Where: Cairo, Egypt
Plate of food: Kushari – a dish of lentils, rice, and macaroni (unexpected, I know), topped with fried onions and a spicy tomato sauce.
I discovered this vegetarian delight one afternoon as we rattled along in a van with the rest of our small tour group. We had been on the go all day and had not yet stopped for lunch. Suddenly our tour guide, Waleed, passed small styrofoam containers back to us; I peeled back the lid to reveal Kushari.
My hunger may have clouded my reasoning, but this simple food tasted so delicious. It was warm, filling, scented with garlic, and rich with fried onion flavour. We ate voraciously as we watched minarets whizz past our windows in a blur.
If Cairo is frenetic (and it is without a doubt), Kushari is serene: a dish of well-balanced, comforting flavours. Relax, eat, enjoy. And then get out of the way of oncoming traffic.
The best: I nearly wrote about the Museum of Egyptian Antiquities because it is a building straight out of Indiana Jones and it houses incredible artifacts like Tutankhamun’s death mask, plus it has the word antiquities in it (can’t go wrong with that, I reckon).
But it seems crazy to choose anything other than the Pyramids of Giza, which are awe-inspiring. They are a sight so familiar from books and movies, but nothing compares to seeing them in all their glory. Despite what you might think, the Pyramids are very close to the city; they suddenly rise up out of the sand just past shabby looking shops and bustling streets. It is stunning to catch that first glimpse of them.
We walked around the base of the Pyramids, craning our necks to see the apex which disappeared in a blaze of sunshine. The four sides of the Pyramids are not smooth, but terraced with stacks of huge weathered stones, each taller than a man. The outer casing stones (highly polished limestone) are, for the most part, missing; only one Pyramid has a cap of smooth stones, like snow on a peak.
We could enter one of the Pyramids through a tunnel originally used by workmen. We queued up in the hot sun until it was our turn to slip into the dark mouth of the tunnel. There were wooden planks under foot and dim lighting stretched along the roof of the tunnel. We were forced into single file in the narrow passageway and we had to hunch over due to the low ceiling (it was designed so that anyone who entered had to bow before the King). After descending through a long passageway, we then climbed steeply up to the inner chamber. People were impatient and pushed from behind, urgently trying to get to the chamber where one can finally stand up straight.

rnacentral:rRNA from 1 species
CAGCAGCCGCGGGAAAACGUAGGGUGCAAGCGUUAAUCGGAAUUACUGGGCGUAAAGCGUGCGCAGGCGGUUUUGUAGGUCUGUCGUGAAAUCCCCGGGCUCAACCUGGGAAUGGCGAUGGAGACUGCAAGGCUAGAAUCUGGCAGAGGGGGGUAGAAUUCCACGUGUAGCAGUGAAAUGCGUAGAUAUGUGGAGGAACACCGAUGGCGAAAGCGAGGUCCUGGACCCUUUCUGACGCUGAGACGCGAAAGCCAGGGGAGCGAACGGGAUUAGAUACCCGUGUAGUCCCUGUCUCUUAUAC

On our ascent, a few people were overcome by the stale air, the sweltering heat, and the dreaded awareness of thousands of stones above them. A woman started shrieking which brought all of us to a sudden halt, stumbling ahead like dominoes. She turned and tried to come back the way she had come. It was too narrow, but we all knew she had to get out. Her panic brought our own fears to the surface. Whose idea was it to come in here, anyway?
The endless line of people pressed themselves against the stone wall to allow the woman to pass. It was a hasty, fumbling retreat. As she disappeared down the tunnel, we all stared at one another. We didn’t need to speak the same language to know the thoughts that were running through our heads: “on the count of 3, let’s all just turn around and leave”, “I’ll buy you a beer if you let me pass”, “this chamber can’t be worth it”, “I won’t tell anyone that we held hands”….
But on we went. And truth be told, the chamber is not worth it. It is worth it, though, to be in the presence of these great structures, and to imagine the hands that placed each stone all those centuries ago, and to think of all the people who have gazed at those Pyramids through history.
In the end, we stumbled back out into the blinding sunlight and stretched our stiff backs and legs. There may or may not have been some hand holding…I am not saying anything.
Story that needs to be told: We decided to take a taxi to some spots within Cairo. In an attempt to be prepared, we had someone translate the place names to help the taxi driver understand where we wanted to go. He nodded in recognition as we showed him the slip of paper, so we clambered into the back seat.
He took off at a great speed only to veer wildly over to the curb after 500 metres. He had pulled up alongside a petrol station…to ask directions.
Turns out he had no idea where we wanted to go. The numerous staff members at the petrol station were sitting in the shade having their morning tea break, but they helpfully crowded around the car and tried to guess at our desired destination.
It did not take long, however, for some of them to realize that they had a captive audience; a captive audience with money (probably). They proceeded to try every international greeting they knew: “G’day!”, “Ni hao!”, “Howzit?”, “Guten tag!”, and amazingly “Kia ora” (the New Zealand Maori greeting, which justifiably impressed the socks off of us). They also tried to sell us what they had on hand; pushing half drunk cups of tea and crumbly hunks of cake through the taxi window. Tempting, but no. You have to admire their ability to spot an opportunity, though!
We did make it, eventually, to the places we had on our piece of paper, but those first 10 minutes in the taxi made a more lasting impression. It was Cairo in all its fast-paced, confusing, opportunistic, friendly glory.
“People don’t take trips – trips take people.” John Steinbeck